(noun) An untranslatable German word, “consisting of Welt, meaning ‘world,’ and Schmerz, meaning 'pain.’ Just as your head can hurt (Kopfschmerzen), or you can suffer from a stomachache (Magenschmerzen), the world can hurt too.” In its mildest form, this is “world-weariness;” meaning sadness or melancholy at the evils of the world. “At the other extreme, it’s an existential pain that leaves you reeling with a damaging, head-clutching despair.”

  • [literarily] world-pain.

-Moore, Christopher J.. In Other Words: A Language Lover’s Guide to the Most Intriguing Words Around the World (pg. 29). 

Jestem od trzech dni przywalony po prostu górą czarnej melancholii, jakiegoś najwstrętniejszego rodzaju weltschmerzem, zobojętniały do idiotyzmu.
—  Władysław Broniewski “Pamiętnik”
Favorite German Words

Weltschmerz = literally world pain, which can be understood as universal pain, world weariness, or melancholia.

A feeling of things in the world being so wrong that they can never be fixed. It’s a term coined by the German author Jean Paul aka Johann Paul Friedrich Richter (1763-1825), who was a Romantic writer, best known for his humorous novels and stories. It’s a kind of feeling experienced by someone who understands that physical reality can never satisfy the demands of the mind. This kind of world view was widespread among romantic authors such as Lord Byron, Giacomo Leopardi, François-René de Chateaubriand, Alfred de Musset, Nikolaus Lenau, Hermann Hesse, and Heinrich Heine. It is also used to denote the feeling of anxiety caused by the ills of the world. The modern meaning of Weltschmerz is the psychological pain caused by sadness that can occur when realizing that someone’s own weaknesses are caused by the inappropriateness and cruelty of the world and physical and social circumstances. Weltschmerz may cause depression, resignation, escapism, and can become a problem. The modern meaning should also be compared with the concept of anomie, or a kind of alienation, that Émile Durkheim wrote about. John Steinbeck wrote about the feeling in The Winter of Our Discontent. In music, Weltschmerz, and especially dark romanticism play an important part in Goth rock. Kurt Vonnegut also references this feeling in his novel Player Piano.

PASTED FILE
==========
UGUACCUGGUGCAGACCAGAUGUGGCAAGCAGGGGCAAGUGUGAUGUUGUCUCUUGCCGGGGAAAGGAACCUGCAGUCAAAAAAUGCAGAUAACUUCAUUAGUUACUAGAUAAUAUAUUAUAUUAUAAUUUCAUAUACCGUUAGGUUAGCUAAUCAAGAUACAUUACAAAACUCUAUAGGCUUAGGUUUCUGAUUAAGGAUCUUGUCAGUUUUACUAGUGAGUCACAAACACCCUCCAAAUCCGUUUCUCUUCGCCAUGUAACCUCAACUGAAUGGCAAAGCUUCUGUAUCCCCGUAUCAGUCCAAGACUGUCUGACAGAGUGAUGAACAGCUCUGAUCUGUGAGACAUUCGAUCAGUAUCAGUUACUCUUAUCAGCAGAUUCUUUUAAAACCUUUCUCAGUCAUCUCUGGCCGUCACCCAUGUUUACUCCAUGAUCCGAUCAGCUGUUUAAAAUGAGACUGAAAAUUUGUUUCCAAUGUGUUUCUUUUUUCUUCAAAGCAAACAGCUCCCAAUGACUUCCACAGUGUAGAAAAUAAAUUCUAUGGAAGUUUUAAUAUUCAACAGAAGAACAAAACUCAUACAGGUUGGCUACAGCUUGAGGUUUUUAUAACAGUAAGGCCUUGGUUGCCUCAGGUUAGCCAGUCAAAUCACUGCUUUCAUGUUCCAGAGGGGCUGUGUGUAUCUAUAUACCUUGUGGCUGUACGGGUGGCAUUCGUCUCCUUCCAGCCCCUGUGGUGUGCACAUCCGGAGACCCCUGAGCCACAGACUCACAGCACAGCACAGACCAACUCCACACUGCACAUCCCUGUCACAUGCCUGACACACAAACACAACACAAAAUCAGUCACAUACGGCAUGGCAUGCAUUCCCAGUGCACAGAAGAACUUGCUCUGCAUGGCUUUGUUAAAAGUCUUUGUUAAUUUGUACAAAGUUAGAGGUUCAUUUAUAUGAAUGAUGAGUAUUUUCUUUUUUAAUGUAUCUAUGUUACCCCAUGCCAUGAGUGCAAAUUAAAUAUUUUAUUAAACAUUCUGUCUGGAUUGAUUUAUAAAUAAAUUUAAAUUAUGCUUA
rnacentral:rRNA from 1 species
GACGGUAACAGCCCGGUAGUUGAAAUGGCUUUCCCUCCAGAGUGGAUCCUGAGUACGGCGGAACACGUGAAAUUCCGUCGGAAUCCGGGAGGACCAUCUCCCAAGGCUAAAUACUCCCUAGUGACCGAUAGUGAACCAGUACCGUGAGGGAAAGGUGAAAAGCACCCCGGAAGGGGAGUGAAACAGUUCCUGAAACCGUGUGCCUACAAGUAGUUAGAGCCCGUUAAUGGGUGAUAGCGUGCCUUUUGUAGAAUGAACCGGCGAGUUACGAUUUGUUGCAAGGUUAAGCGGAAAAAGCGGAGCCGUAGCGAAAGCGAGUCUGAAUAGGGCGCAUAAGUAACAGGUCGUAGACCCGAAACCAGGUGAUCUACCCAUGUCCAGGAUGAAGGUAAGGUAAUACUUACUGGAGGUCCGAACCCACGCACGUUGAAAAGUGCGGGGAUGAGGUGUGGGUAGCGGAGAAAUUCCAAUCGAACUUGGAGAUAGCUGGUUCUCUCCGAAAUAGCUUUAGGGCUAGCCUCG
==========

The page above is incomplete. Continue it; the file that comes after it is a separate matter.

Weltschmerz is the depression you feel when the world as it is does not line up with the world as you think it should be.